CBC/Radio-Canada has announced it’s moving forward with its Tandem branded content and podcast initiative above the concerns of dozens of current and former CBC journalists, and the Canadian Media Guild (CMG), among others.
In response to those concerns, the public broadcaster issued a statement Thursday, clarifying its position and issuing a series of guidelines aimed at eliminating audience confusion between journalism and commercial advertising on CBC/Radio-Canada platforms.
“Management of CBC/Radio-Canada and its Board of Directors strongly believe that advertising content on its digital platforms must be clearly identified so that it cannot be confused with journalistic content,” said Catherine Tait, President and CEO. “To this end, after a thorough review of branded content directives at CBC and Radio-Canada by senior news, sales and programming leaders, and an in-depth discussion at the Board of Directors’ meeting of November 26, 2020, we are issuing new guidelines that further strengthen and clarify the boundaries between our journalistic content and advertising.”
Those guidelines include restricting branded content exclusively to local digital pages in separate, delineated areas; clearly labeling Tandem content as “paid” rather than “sponsored”; and using different graphic treatment to distinguish it from journalistic content. An “Explain this/De quoi s’agit-il” link will also be embedded in paid content.
As well, the public broadcaster has clarified that no CBC/Radio-Canada journalists or hosts will be involved in the creation or presentation of branded content, encompassing audio, video and alpha-numeric formats.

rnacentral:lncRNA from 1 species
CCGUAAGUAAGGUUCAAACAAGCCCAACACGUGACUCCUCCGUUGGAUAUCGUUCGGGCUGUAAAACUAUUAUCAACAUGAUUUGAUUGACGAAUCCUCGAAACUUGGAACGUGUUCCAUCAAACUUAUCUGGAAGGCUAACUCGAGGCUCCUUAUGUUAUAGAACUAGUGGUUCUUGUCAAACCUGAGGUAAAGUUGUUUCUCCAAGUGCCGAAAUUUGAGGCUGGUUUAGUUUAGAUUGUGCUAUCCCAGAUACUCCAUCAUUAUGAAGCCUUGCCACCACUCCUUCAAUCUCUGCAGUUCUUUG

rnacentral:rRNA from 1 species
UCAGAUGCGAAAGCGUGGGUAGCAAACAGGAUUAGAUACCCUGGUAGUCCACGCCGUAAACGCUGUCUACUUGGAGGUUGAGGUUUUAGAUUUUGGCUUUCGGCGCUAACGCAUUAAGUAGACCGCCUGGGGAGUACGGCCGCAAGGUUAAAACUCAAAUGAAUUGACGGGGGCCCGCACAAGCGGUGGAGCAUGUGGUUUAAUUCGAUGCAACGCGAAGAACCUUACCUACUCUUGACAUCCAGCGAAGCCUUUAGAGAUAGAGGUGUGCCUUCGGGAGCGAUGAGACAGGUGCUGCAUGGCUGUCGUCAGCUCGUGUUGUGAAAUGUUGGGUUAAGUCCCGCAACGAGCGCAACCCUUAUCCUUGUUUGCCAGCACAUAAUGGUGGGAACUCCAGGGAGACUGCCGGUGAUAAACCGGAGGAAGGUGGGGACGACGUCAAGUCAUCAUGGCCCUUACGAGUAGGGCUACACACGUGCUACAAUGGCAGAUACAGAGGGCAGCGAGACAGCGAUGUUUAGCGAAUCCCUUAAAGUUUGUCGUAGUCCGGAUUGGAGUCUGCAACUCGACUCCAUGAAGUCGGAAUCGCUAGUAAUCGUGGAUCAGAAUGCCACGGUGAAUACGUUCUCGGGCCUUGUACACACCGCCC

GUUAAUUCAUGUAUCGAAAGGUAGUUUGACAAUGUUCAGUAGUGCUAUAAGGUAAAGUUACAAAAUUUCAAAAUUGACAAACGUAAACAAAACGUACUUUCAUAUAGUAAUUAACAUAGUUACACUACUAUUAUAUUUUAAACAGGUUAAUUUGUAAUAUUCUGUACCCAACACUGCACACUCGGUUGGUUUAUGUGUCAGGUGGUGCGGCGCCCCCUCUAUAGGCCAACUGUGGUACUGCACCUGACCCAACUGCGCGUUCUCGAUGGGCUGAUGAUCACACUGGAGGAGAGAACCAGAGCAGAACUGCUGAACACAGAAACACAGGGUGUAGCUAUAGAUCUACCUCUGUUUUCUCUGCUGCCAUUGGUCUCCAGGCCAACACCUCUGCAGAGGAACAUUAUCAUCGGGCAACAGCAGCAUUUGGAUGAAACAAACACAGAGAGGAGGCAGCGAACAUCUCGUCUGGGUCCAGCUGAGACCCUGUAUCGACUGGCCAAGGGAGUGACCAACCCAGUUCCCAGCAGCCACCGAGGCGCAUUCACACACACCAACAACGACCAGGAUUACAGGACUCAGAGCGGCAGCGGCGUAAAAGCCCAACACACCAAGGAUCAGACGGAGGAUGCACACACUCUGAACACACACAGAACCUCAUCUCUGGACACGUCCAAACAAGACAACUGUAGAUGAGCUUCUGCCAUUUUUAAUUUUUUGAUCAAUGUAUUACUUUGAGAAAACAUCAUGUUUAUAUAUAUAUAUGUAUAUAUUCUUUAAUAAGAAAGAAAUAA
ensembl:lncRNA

CBC says a working group will continue to monitor the evolution of the initiative and other digital advertising as market changes warrant.
“We recognize that as the nation’s public broadcaster we need to hold ourselves to a higher standard, with more stringent guidelines than our peers to ensure a clear separation between our journalism and commercial content,” said Barb Williams, Executive Vice-President of CBC, in the same statement. “That said, as long as we operate a diversified business model and aim to maintain current levels of service to Canadians, we must be able to provide advertisers with the suite of options that all of our reputable colleagues provide.”
FRIENDS petition draws 11k signatures
Public broadcaster watchdog FRIENDS of Canadian Broadcasting, meanwhile, is continuing a petition drive calling for the cancellation of the Tandem initiative, which so far has drawn over 11,000 signatures. At the heart of the campaign, is the idea that CBC’s credibility shouldn’t be for sale.
“We do not accept the decision to continue with Tandem,” Daniel Bernhard, FRIENDS Executive Director, told Broadcast Dialogue. “The thousands of Canadians who have signed our petition calling on CBC’s Board of Directors to put a stop to Tandem, must also be disappointed with this decision. We all understand that the CBC is a public service, not a private broadcaster. Unfortunately, Catherine Tait doesn’t get this distinction.”
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